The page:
Bernadette Brady focuses on the healing influence of Ras Alhague, which she suggests "...may not be only living things but also living ideals." She cites people whose natal charts featured this star, like John Lennon, Abraham Lincoln, Madam Blavatsky and Vincent van Gogh, each of whom sought to bring a healing energy to their life's work.
The constellation itself is a bit of a mystery in mythology. It's not clearly known who it depicts, but has often been associated with Aesculapius, the deified healer in Greek mythology who learned his art from Chiron (who himself is often referred to as the Wounded Healer).
Interestingly, it was said that Aesculapius became so skilled at healing that he was able to bring the dead back to life. This certainly sounds like the resurrection of interest in astrology that has resulted from this whole phenomenon, be it brief or ongoing.
However, Aesculapius was also killed by Zeus as a result of this ability. If mythology repeats itself, could this imply that astrology is at risk for receiving even more hostility and suppression from this incident? Or perhaps the media Powers That Be will collectively decide to ignore future stories about astrology in an effort to avoid legitimizing it or stoking further interest in it.
It is said to give a passionate, blindly good-hearted, wasteful and easily seduced nature, unseen dangers, enmity and slander. Pliny said that it occasioned much mortality by poisoning. This constellation has also been called Aesculapius and held to rule medicines. By the Kabalists it is associated with the Hebrew letter Oin and the 16th Tarot Trump "The Lightning Struck Tower".
Fascinating! The Tarot card, The Tower, is associated with sudden change, explosive situations and tearing down old structures that no longer serve an effective function. Perhaps this implies that the anti-astrology media attention given to astronomers will finally come to an end or at least die down. Unfortunately, it could just as easily mean even more biased misinformation being promoted by mainstream media, as the scientific sharks roam the astrological waters, having tasted the blood of publicity.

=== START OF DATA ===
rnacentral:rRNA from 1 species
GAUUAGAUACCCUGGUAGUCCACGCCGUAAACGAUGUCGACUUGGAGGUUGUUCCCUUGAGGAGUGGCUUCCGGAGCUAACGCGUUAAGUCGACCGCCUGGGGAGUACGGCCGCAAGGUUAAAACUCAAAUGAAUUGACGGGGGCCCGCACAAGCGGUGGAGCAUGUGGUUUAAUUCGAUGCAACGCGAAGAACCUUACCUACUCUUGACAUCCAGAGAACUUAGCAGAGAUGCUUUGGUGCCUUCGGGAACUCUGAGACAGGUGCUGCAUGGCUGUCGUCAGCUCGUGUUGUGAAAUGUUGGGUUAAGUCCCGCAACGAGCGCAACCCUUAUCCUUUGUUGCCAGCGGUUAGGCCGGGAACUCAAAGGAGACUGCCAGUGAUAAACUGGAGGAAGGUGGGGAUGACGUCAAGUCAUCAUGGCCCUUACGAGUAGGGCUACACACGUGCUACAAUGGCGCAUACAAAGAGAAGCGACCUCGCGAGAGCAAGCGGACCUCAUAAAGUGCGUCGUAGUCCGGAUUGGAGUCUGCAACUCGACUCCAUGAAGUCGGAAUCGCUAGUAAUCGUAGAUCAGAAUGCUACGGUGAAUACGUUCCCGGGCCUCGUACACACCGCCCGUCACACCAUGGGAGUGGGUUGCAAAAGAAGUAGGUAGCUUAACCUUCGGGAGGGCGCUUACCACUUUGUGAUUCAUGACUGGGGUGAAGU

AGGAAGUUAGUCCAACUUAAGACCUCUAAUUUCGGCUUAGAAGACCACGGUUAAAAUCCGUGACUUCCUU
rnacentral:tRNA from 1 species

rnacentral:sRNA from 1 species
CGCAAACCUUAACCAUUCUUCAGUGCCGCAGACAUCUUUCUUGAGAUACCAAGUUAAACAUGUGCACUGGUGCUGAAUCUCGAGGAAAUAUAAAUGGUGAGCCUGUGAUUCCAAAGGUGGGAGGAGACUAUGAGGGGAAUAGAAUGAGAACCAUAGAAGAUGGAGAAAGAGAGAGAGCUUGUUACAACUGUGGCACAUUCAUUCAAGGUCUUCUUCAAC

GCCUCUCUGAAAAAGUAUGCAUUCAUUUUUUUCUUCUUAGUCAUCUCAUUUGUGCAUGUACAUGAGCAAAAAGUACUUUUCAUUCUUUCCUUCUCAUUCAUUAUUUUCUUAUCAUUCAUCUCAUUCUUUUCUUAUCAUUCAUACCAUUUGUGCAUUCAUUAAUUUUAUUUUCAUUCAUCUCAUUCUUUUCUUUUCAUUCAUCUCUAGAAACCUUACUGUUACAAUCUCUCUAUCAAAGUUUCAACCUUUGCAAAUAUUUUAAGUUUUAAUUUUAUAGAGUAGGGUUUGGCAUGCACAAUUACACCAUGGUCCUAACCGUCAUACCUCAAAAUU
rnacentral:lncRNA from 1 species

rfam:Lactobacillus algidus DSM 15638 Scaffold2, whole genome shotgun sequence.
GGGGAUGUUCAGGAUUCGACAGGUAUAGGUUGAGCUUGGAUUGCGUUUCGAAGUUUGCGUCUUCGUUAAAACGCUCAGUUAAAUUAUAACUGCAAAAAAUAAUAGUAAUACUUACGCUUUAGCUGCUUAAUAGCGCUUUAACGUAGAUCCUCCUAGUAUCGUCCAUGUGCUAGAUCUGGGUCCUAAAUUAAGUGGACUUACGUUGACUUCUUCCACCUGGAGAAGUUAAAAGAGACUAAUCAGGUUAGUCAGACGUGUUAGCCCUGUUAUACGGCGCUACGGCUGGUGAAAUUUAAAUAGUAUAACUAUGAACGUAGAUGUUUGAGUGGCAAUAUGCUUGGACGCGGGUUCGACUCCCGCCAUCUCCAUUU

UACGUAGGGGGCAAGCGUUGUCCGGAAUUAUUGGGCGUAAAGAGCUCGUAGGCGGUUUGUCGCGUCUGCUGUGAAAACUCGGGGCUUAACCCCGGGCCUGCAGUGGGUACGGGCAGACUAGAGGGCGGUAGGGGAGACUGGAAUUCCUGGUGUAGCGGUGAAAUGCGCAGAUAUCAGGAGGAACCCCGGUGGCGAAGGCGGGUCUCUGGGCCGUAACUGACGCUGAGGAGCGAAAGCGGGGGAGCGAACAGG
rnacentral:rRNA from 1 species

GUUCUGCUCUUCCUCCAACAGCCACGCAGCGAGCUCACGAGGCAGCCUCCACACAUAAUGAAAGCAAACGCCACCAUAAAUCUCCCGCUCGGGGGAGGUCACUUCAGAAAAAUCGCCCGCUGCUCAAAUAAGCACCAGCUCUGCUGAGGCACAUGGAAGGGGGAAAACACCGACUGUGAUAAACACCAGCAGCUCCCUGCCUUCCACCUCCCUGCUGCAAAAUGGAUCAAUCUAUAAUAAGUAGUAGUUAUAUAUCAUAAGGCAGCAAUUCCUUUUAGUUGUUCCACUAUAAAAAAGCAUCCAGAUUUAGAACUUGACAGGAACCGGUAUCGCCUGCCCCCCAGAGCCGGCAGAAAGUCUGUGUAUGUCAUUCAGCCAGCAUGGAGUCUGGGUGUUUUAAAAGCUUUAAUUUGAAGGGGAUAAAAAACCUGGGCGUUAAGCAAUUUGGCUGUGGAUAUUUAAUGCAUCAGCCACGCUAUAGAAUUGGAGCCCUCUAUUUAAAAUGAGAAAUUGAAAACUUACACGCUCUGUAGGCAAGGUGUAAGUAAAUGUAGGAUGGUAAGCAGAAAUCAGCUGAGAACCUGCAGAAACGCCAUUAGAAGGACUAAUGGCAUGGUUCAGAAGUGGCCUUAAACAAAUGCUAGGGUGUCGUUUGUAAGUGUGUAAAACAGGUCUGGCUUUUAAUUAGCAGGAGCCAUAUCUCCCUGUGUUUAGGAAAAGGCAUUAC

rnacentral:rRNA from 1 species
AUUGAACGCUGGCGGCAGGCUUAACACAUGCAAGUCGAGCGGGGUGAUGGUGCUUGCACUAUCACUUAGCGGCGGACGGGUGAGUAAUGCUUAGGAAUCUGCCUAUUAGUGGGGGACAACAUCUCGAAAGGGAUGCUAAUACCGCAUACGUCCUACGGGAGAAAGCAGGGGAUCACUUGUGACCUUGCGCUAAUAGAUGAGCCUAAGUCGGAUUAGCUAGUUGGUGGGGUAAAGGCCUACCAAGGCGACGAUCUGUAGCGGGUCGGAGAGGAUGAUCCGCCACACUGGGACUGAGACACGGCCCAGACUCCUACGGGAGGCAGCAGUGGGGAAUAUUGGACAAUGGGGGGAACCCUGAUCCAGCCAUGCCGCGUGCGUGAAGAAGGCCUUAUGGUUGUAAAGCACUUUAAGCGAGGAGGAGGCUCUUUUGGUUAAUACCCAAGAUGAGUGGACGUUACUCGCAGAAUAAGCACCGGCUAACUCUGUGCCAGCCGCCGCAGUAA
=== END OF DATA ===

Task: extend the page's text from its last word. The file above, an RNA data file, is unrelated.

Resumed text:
In any case, this whole fiasco isn't likely to change astrology itself, as a system. The field of astrology is always exploring new ways to glean meaning from the miscellaneous bits of space dust that inhabit our universe. As a friend and fellow astrologer once quipped, astrology's motto is: "If it moves, interpret it." There will always be especially Aquarian astrologers who love to experiment with new ideas, techniques and perspectives in our craft, and astrology owes a great debt to them for expanding, developing and shaping the continuing growth of astrology.
On the other hand, the basic system of astrology of the traditional 12 zodiac signs will always be with us. Certain changes in how this system is used, measured and interpreted have evolved over the centuries, which is healthy and natural. In recent decades, astrology has also enjoyed a return to its roots as it explores the treasure trove of retranslated ancient texts, thanks to Project Hindsight and other projects.
This current media attention on astrology doesn't seem to be changing society's conventional view of astrology as the "black sheep" of the star gazing family. This family has long been dominated by astronomers and other physical scientists who regard astrology with contempt and that is not likely to change in a hurry, if ever.
Nevertheless, recent events have given us lunatic astrologers a chance to respond to some renewed interest about our craft. As Irish poet and dramatist Brendan Behan once said: "There is no such thing as bad publicity except your own obituary." But no worries—astrology has lasted and even thrived through centuries of bad publicity, vilification and ridicule. We're not about to go away anytime soon.
© Wendy Guy 2011, all right reserved. Beyond brief quotes or strictly personal purposes, please obtain written permission from the author before reproducing this article. Photo of Askelpios: original file by Michael F. Mehnert () [GFDL (http://www.gnu.org/copyleft/fdl.html) or CC-BY-SA-3.0-2.5-2.0-1.0 (www.creativecommons.org/licenses/by-sa/3.0)], via Wikimedia Commons.